Inuit artist Annie Pootoogook

A remarkable life

Annie Pootoogook’s detailed, colourful work helped lead to a profound shift in what Inuit art could be

Robert Everett-Green AND Gloria Galloway

The Globe and Mail Last updated: Saturday, Oct. 01, 2016 8:29AM EDT

In a 2006 documentary, Inuit artist Annie Pootoogook looks calm and confident. “I am a third-generation artist,” she says, proudly displaying a drawing she made of herself drawing with her mother and grandmother, who were both acclaimed figures in Inuit art. “I draw every day,” she says. “To me, it’s a job, my job.”

That footage was shot in and around Ms. Pootoogook’s home in Cape Dorset, before the solo exhibition at Toronto’s Power Plant that vaulted her to prominence in Canada and abroad. Within a few months of that show in the summer of 2006, she had won the $50,000 Sobey Art Award, and had been invited to display her work at the Montreal Biennale and Documenta 12, a major European exhibition. Her works were purchased by major museums, and by collectors who till then had regarded the work coming out of the West Baffin Eskimo Co-op in Cape Dorset as more craft than art. People began talking about a profound shift in what Inuit art could be, led by younger artists such as Ms. Pootoogook and her cousin, Shuvinai Ashoona.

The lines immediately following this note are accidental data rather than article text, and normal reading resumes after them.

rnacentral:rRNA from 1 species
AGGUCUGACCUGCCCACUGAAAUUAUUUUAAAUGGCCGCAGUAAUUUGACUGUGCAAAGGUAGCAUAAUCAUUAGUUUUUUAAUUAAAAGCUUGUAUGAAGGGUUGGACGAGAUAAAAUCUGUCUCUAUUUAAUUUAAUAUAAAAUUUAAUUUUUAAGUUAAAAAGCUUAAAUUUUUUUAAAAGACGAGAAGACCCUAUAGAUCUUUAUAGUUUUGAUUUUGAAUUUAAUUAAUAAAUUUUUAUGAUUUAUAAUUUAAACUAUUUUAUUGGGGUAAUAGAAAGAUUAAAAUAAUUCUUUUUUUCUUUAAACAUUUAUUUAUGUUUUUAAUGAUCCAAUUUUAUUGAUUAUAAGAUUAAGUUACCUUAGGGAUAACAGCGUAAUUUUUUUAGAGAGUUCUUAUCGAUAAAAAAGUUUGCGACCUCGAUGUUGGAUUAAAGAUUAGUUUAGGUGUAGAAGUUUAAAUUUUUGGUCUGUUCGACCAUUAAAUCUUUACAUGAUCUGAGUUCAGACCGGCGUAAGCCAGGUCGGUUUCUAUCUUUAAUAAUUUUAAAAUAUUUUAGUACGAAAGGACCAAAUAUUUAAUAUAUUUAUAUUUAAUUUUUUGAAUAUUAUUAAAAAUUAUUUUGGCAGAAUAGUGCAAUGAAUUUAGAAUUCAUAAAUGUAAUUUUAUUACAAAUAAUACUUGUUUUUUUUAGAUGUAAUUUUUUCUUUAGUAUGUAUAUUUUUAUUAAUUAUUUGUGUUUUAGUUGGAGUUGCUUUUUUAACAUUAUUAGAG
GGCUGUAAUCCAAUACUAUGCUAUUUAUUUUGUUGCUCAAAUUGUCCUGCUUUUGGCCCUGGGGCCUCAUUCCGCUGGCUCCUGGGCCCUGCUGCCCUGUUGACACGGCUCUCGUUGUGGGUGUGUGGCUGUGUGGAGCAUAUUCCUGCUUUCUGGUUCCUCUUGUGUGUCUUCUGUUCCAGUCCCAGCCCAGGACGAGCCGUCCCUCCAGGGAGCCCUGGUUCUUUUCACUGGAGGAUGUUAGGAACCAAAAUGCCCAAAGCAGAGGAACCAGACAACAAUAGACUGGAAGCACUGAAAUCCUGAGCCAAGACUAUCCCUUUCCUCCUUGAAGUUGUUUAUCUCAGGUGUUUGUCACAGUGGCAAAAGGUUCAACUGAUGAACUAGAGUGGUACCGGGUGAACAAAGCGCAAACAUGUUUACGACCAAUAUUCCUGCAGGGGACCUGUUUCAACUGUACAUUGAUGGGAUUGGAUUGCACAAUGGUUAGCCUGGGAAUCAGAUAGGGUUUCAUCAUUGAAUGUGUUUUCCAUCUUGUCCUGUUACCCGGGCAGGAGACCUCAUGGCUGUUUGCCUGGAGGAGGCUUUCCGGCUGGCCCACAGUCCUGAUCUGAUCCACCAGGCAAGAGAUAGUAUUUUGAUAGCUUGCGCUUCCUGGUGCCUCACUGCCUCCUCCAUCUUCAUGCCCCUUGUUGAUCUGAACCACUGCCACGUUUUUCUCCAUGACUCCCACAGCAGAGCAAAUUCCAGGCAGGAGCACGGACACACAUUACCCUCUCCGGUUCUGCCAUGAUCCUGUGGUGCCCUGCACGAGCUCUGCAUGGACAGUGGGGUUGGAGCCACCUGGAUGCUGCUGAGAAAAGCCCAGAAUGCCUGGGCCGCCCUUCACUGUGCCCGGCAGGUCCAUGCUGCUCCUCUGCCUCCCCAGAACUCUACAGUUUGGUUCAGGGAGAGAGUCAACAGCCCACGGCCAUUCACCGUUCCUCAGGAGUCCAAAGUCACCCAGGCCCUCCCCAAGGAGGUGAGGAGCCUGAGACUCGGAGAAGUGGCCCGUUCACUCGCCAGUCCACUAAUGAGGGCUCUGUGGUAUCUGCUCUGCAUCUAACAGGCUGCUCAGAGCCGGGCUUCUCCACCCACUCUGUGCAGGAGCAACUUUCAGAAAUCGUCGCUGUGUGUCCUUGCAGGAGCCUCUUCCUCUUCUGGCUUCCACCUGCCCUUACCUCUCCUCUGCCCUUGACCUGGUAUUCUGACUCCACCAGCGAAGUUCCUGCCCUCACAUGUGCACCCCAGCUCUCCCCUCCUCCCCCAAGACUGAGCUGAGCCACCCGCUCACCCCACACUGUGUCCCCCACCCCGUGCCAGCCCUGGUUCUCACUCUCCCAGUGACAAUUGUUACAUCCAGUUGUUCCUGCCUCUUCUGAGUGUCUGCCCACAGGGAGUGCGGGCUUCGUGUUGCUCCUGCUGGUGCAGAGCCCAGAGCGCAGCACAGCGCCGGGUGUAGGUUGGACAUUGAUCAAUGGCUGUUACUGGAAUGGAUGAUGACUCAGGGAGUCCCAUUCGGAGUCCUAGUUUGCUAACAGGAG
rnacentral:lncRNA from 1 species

Read the full article here: Annie Pootoogook: A life too short, built on creativity but marred by despair

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